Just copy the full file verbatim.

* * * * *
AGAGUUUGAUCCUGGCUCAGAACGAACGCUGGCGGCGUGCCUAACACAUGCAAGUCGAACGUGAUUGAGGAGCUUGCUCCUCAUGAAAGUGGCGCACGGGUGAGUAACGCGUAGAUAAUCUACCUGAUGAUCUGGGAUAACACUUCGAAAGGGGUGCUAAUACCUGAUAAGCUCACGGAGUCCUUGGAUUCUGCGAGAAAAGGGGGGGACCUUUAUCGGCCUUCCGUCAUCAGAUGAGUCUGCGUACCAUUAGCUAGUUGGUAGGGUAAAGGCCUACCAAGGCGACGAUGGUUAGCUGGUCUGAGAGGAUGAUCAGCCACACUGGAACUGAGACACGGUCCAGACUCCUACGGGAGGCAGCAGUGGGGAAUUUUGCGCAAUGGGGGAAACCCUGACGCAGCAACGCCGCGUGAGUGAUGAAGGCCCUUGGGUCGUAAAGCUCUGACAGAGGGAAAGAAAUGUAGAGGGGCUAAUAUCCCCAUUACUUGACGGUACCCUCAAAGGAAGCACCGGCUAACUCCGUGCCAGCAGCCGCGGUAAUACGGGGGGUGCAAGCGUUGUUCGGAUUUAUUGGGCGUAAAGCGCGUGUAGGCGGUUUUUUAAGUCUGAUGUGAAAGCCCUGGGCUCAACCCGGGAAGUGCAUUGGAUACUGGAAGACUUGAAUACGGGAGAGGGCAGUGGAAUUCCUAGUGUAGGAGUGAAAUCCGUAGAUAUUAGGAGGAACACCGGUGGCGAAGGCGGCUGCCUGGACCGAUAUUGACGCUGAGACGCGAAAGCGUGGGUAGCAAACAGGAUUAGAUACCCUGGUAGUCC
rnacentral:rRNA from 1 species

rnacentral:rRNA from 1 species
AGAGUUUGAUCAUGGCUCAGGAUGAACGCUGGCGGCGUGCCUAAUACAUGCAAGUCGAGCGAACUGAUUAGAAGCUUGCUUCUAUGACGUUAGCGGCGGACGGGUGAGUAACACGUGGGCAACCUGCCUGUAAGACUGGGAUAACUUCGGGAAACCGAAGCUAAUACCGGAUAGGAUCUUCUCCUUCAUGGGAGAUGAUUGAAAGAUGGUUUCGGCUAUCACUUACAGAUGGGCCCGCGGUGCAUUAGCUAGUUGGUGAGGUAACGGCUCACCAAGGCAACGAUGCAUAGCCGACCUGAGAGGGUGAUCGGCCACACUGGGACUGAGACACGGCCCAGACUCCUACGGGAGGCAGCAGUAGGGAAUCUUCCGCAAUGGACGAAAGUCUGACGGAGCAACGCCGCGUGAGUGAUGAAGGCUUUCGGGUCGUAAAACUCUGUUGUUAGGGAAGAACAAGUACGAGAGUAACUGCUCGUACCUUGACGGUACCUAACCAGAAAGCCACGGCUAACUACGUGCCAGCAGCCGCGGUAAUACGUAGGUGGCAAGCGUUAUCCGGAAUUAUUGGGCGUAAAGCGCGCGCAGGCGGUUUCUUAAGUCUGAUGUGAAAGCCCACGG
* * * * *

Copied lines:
AGAGUUUGAUCCUGGCUCAGAACGAACGCUGGCGGCGUGCCUAACACAUGCAAGUCGAACGUGAUUGAGGAGCUUGCUCCUCAUGAAAGUGGCGCACGGGUGAGUAACGCGUAGAUAAUCUACCUGAUGAUCUGGGAUAACACUUCGAAAGGGGUGCUAAUACCUGAUAAGCUCACGGAGUCCUUGGAUUCUGCGAGAAAAGGGGGGGACCUUUAUCGGCCUUCCGUCAUCAGAUGAGUCUGCGUACCAUUAGCUAGUUGGUAGGGUAAAGGCCUACCAAGGCGACGAUGGUUAGCUGGUCUGAGAGGAUGAUCAGCCACACUGGAACUGAGACACGGUCCAGACUCCUACGGGAGGCAGCAGUGGGGAAUUUUGCGCAAUGGGGGAAACCCUGACGCAGCAACGCCGCGUGAGUGAUGAAGGCCCUUGGGUCGUAAAGCUCUGACAGAGGGAAAGAAAUGUAGAGGGGCUAAUAUCCCCAUUACUUGACGGUACCCUCAAAGGAAGCACCGGCUAACUCCGUGCCAGCAGCCGCGGUAAUACGGGGGGUGCAAGCGUUGUUCGGAUUUAUUGGGCGUAAAGCGCGUGUAGGCGGUUUUUUAAGUCUGAUGUGAAAGCCCUGGGCUCAACCCGGGAAGUGCAUUGGAUACUGGAAGACUUGAAUACGGGAGAGGGCAGUGGAAUUCCUAGUGUAGGAGUGAAAUCCGUAGAUAUUAGGAGGAACACCGGUGGCGAAGGCGGCUGCCUGGACCGAUAUUGACGCUGAGACGCGAAAGCGUGGGUAGCAAACAGGAUUAGAUACCCUGGUAGUCC
rnacentral:rRNA from 1 species

rnacentral:rRNA from 1 species
AGAGUUUGAUCAUGGCUCAGGAUGAACGCUGGCGGCGUGCCUAAUACAUGCAAGUCGAGCGAACUGAUUAGAAGCUUGCUUCUAUGACGUUAGCGGCGGACGGGUGAGUAACACGUGGGCAACCUGCCUGUAAGACUGGGAUAACUUCGGGAAACCGAAGCUAAUACCGGAUAGGAUCUUCUCCUUCAUGGGAGAUGAUUGAAAGAUGGUUUCGGCUAUCACUUACAGAUGGGCCCGCGGUGCAUUAGCUAGUUGGUGAGGUAACGGCUCACCAAGGCAACGAUGCAUAGCCGACCUGAGAGGGUGAUCGGCCACACUGGGACUGAGACACGGCCCAGACUCCUACGGGAGGCAGCAGUAGGGAAUCUUCCGCAAUGGACGAAAGUCUGACGGAGCAACGCCGCGUGAGUGAUGAAGGCUUUCGGGUCGUAAAACUCUGUUGUUAGGGAAGAACAAGUACGAGAGUAACUGCUCGUACCUUGACGGUACCUAACCAGAAAGCCACGGCUAACUACGUGCCAGCAGCCGCGGUAAUACGUAGGUGGCAAGCGUUAUCCGGAAUUAUUGGGCGUAAAGCGCGCGCAGGCGGUUUCUUAAGUCUGAUGUGAAAGCCCACGG